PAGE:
The Carbon Tax Center was founded in 2007 on the belief that the most direct path to decarbonize the world economy lay in enacting a robust U.S. carbon tax and replicating this policy across the globe.
A dozen years on, we hoped to expand our program around a new synthesis: a Green New Deal funded by taxes on extreme wealth — “taxing inequality,” you could say — and supported by a revenue-neutral carbon tax.
Why? Decades of denialism by the right and, more recently, antipathy from the left, brought us to a point where, standing alone, a carbon tax was too fraught politically and too weak economically to serve as the centerpiece of U.S. climate policy. We came to conclude that the path to decarbonizing the U.S. economy lay in a Green New Deal-inspired infrastructure and investment program funded by taxes on extreme wealth and supported by a carbon tax.
CTC envisioned a three-part program to accomplish this:
- A Green New Deal plan investing 10 to 20 trillion dollars over a 10-year period to develop the infrastructure, industrial capability, and consumer incentives to decarbonize the U.S. energy system within several decades.
- New taxes on extreme wealth and financial transactions, supplemented by increases in estate taxes, marginal income tax rates, capital gains and corporate taxes, to generate, from the wealthiest American households, the estimated $10 trillion or more needed to pay for the Green New Deal energy programs.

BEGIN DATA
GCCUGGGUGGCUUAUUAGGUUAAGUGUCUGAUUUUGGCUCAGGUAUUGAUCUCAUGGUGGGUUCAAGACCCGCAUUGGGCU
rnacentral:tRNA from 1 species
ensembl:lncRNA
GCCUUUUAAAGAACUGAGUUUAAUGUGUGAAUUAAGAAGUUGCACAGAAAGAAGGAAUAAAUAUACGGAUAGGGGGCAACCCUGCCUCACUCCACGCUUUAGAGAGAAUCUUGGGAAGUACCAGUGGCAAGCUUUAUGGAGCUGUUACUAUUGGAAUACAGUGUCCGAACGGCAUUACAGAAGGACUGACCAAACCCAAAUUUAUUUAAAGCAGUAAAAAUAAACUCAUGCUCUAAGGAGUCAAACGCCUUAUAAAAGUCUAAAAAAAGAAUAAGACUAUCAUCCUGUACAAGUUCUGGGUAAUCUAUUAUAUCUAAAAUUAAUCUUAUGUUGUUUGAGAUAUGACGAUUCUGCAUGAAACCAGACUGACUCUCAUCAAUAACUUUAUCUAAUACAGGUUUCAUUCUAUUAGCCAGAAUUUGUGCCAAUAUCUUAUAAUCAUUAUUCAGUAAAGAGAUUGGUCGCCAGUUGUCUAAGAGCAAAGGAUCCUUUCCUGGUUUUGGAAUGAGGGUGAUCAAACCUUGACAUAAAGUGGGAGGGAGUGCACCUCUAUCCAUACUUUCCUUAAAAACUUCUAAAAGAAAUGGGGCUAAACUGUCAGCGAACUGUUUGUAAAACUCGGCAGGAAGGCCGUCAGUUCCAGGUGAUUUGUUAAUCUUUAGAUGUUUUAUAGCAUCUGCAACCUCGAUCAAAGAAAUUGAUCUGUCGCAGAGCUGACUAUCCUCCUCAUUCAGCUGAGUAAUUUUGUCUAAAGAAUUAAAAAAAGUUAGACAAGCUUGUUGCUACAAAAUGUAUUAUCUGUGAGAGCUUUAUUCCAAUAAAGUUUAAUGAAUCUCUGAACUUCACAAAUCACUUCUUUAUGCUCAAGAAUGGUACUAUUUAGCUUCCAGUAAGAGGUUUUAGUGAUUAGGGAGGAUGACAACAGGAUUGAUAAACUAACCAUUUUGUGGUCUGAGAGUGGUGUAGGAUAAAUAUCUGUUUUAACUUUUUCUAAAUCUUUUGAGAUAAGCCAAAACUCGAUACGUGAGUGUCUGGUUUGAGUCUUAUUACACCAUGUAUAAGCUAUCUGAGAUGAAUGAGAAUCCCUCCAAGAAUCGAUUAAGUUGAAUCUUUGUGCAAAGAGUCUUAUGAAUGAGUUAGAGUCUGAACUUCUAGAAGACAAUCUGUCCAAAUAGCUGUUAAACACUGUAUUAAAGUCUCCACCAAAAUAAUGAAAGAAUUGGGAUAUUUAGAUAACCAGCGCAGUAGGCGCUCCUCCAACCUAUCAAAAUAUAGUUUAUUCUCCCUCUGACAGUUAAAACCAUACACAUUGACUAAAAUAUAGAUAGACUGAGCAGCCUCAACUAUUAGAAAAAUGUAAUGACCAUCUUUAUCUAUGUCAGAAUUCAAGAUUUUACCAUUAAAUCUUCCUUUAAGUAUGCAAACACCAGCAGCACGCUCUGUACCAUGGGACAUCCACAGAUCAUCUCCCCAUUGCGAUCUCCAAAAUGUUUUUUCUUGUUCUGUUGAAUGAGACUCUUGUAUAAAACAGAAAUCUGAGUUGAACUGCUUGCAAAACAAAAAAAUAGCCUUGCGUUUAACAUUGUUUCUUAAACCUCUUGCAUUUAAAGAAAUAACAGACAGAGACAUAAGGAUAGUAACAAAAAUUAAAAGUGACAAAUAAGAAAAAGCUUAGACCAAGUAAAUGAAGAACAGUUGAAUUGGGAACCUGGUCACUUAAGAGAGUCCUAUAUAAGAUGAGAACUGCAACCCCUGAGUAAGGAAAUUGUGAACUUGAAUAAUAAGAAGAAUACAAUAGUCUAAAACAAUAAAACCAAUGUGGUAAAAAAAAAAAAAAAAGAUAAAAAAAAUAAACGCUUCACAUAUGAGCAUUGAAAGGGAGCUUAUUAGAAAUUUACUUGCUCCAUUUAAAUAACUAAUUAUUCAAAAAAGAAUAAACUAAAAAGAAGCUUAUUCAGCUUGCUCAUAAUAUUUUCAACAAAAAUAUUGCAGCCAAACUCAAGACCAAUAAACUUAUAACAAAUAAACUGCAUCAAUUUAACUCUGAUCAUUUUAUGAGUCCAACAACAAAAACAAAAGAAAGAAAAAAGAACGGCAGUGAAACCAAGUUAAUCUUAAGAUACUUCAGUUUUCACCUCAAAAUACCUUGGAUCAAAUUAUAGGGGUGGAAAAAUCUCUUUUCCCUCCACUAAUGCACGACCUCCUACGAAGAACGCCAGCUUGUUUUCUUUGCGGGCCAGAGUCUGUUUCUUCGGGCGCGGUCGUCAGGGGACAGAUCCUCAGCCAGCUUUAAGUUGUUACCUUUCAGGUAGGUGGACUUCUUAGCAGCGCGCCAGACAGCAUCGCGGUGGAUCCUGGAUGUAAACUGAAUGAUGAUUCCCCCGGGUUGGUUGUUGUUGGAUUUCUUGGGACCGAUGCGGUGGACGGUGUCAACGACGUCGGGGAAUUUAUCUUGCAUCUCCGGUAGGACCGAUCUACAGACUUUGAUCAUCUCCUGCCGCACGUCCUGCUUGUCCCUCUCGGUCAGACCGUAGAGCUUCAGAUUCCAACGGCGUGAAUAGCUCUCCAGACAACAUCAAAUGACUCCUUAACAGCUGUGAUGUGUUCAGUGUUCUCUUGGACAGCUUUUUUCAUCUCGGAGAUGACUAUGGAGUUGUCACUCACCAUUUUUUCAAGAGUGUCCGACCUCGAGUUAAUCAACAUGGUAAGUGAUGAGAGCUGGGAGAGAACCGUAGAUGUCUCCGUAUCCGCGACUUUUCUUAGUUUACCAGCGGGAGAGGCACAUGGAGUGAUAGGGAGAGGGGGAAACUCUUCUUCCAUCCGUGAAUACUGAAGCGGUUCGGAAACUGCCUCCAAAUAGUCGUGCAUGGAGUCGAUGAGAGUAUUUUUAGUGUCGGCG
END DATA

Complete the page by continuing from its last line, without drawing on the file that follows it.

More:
- A rising charge on carbon emissions from fossil fuels that supports the Green New Deal energy programs by shortening payback periods for green investment and inculcating energy efficiency and conservation throughout American society.
Prior to the pandemic, we were aiming to build a program of research, writing and advocacy for this three-part plan. We viewed this redirection not as an abandonment of carbon taxing, but as a way to situate carbon taxes in a broader framework better suited to the political dynamics of the third decade of the 21st Century than carbon taxing in isolation.
Unfortunately, we weren’t able to sustain this project. And yet, the Biden administration’s Build Back Better program could be seen as moving on this path by proposing to raise taxes on wealthy Americans, via higher capital gains taxes and corporate levies, while investing in infrastructure comprising initial steps toward a Green New Deal, though without the explicit branding.
The vision of taxing carbon emissions alongside taxes on great wealth is still very much alive.